How to become a carpenter: from carpentry apprenticeships to classes

5 min read
Emma Fletcher

Do you dream of working with your hands and being your own boss? If you’re looking for a job where you can learn practical skills that allow you to work anywhere in the world, carpentry might be just the ticket. Here’s the lowdown on becoming a qualified chippy in Australia, from carpentry apprenticeships to carpentry courses.

One of Australia’s healthiest job sectors, carpentry offers work in both residential and commercial construction.

A carpenter works with wood and other materials to build and repair structures and objects. From the construction of buildings, ships and bridges to the cutting, working and joining of timber, a skilled chippy is worth their weight in gold.

Learning a trade like carpentry can also be an excellent way to re-skill or re-enter the workforce. And in a changing world, carpentry is a highly-valued skill that will always be in demand.

Related: Time for a career change? Here are 8 ways to make the switch

Become a carpenter in 3 steps

Training to become a carpenter requires three basic steps.

  1. Start a carpentry apprenticeship.
  2. Enrol to study.
  3. Get your carpentry license.

Now let’s look at each step in detail.

The basic requirements

Carpentry Apprenticeship Men on Construction Site

In order to work as a carpenter, you’ll need to get trade-qualified. Accreditation requirements in Australia vary in each state, but as a rule, you will need to have:

  • Completed year 10.
  • Undertaken a formal apprenticeship.

An apprenticeship is a period of on-the-job training. Here, you learn a skilled trade under the supervision of a qualified tradesperson.

Related: Great domains for builders & other property services pros

Step 1: Start a carpentry apprenticeship

A carpentry apprenticeship allows you to train, study and earn an income at the same time.

Australian carpentry apprenticeships are open to anyone of working age, on a full time, part time or still-at-school basis.

You’ll learn a range of skills, from reading blueprints to using tools.

Apprentices learn how to:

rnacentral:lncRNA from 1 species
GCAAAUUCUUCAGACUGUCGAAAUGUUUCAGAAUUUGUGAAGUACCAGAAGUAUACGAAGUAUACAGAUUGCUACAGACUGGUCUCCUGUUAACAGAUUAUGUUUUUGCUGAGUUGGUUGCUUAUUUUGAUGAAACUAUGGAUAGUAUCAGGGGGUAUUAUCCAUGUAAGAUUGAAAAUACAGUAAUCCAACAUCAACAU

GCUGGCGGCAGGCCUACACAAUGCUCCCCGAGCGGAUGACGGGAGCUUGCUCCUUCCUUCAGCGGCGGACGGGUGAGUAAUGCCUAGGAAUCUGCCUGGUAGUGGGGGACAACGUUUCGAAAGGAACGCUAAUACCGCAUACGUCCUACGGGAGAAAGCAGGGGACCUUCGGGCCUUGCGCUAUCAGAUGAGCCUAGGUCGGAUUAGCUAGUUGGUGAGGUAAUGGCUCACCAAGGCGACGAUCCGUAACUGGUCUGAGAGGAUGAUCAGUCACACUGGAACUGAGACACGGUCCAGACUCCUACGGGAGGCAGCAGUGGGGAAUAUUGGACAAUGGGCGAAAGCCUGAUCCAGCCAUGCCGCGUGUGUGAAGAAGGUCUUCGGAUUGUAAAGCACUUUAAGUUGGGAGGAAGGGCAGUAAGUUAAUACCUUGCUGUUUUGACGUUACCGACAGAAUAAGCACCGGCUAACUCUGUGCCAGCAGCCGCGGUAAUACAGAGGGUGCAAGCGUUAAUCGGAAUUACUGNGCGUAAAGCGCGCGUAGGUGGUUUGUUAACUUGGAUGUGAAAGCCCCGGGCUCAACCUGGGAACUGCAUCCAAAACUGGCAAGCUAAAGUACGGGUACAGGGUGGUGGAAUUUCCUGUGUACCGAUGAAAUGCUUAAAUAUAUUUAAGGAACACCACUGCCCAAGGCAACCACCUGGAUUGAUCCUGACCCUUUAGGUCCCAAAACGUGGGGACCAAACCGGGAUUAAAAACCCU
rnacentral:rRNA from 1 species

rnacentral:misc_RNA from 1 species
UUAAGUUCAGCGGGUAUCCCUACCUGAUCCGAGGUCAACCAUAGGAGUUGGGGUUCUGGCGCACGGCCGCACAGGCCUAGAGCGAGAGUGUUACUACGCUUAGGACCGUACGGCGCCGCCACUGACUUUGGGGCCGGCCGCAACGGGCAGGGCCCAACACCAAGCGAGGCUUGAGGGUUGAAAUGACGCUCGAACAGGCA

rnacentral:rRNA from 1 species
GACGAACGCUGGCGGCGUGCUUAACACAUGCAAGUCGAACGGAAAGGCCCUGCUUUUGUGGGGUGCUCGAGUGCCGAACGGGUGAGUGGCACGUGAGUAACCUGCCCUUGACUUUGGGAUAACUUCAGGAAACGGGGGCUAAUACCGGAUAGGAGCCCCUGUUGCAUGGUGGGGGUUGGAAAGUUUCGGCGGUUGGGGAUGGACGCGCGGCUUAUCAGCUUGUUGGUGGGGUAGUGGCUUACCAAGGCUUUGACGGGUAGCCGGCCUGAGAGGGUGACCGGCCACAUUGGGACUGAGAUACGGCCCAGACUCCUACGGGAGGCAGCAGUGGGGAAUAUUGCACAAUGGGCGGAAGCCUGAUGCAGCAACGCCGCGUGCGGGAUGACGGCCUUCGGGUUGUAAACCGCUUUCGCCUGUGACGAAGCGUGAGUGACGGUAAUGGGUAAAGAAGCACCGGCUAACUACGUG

• Measure, cut and assemble construction materials to build floors, walls and roofs.
  • Install fixtures and fittings such as doors, windows, staircases and cabinets.

You’ll get vital hands-on experience, along with the theoretical knowledge and technical training you need.

For those embarking on a career change, taking on an apprenticeship could mean an initial drop in pay. But in return, you will attain a nationally-recognised qualification with good job prospects.

Where to find an apprenticeship

There are a few options when it comes to finding an apprenticeship. Apprenticeship network providers are contracted by the Australian government to supply free Australian support services to apprentices and employers.

Carpentry Apprenticeship Carpenter Laying a Floor

Apprenticeships are also advertised in local papers and online job boards such as Australian Job Search, SEEK and Jora, and via word-of-mouth recommendations.

Step 2: Enrol to study

Once you have found an apprenticeship, the next step is to enrol in a Certificate III in Carpentry at a TAFE institution, university or registered training organisation (RTO) in your area. This is a practical course that you complete alongside your apprenticeship.

The apprenticeship and carpentry course usually take between three and four years to complete.

In this course, you will gain essential skills and knowledge in areas such as measurements, calculations, demolition and excavation. You’ll also learn how to safely use a variety of carpentry tools and equipment.

Where to find carpentry courses

To find a training organisation in your area that offers the Certificate III, visit My Skills, the national directory of vocational education and training (VET).

If you’ll be working on a construction site as part of your apprenticeship, you’ll also need to complete construction induction training and get a Construction Induction Card (CIC), also known as a White Card. This is a short course that can be completed in one day through an RTO in your area, depending on your experience and knowledge.

Step 3: Get your carpentry license

Once you have finished your apprenticeship and your Certificate III, you’ll be eligible to register with the relevant building authority in your state or territory.

Licensing is handled differently in each state, from builder’s licences in Victoria to trade licences in NSW, so make sure you know the requirements of the state you’re in. You can find details here.

What can I earn as a carpenter?

Once you’re fully qualified, you can expect to earn between $55,000 and $65,000 per annum.

Salaries range from $58,000 in South Australia to $73,000 in Western Australia.

As an apprentice, the average rate of pay is about $17 per hour, or anywhere between $22,000 and $47,000 per year. Pay is determined by the award or agreement under which you’re employed and is dependant on a few different factors, such as which year of your apprenticeship you’re in.

Earn more as a specialist

Carpentry Apprenticeship Sanding a Board

Mastering your trade and specialising in a carpentry niche can be a great way of commanding a higher salary. Carpentry is a diverse field, with opportunities to work in:

  • Joining.
  • Framework.
  • Formwork.
  • Green carpentry.

What you decide to focus on is entirely up to you. And there are always options to further expand on your knowledge and training.

Get started in an evergreen trade

Carpentry is a highly-skilled trade with strong employment prospects in a variety of construction environments and industries. Carpentry is also an ‘evergreen’ trade that will always be in demand.

Start by learning the ropes as an apprentice under a qualified tradesman while you complete your Certificate III in Carpentry studies. Once you’ve mastered your trade, you will have skills that can travel anywhere.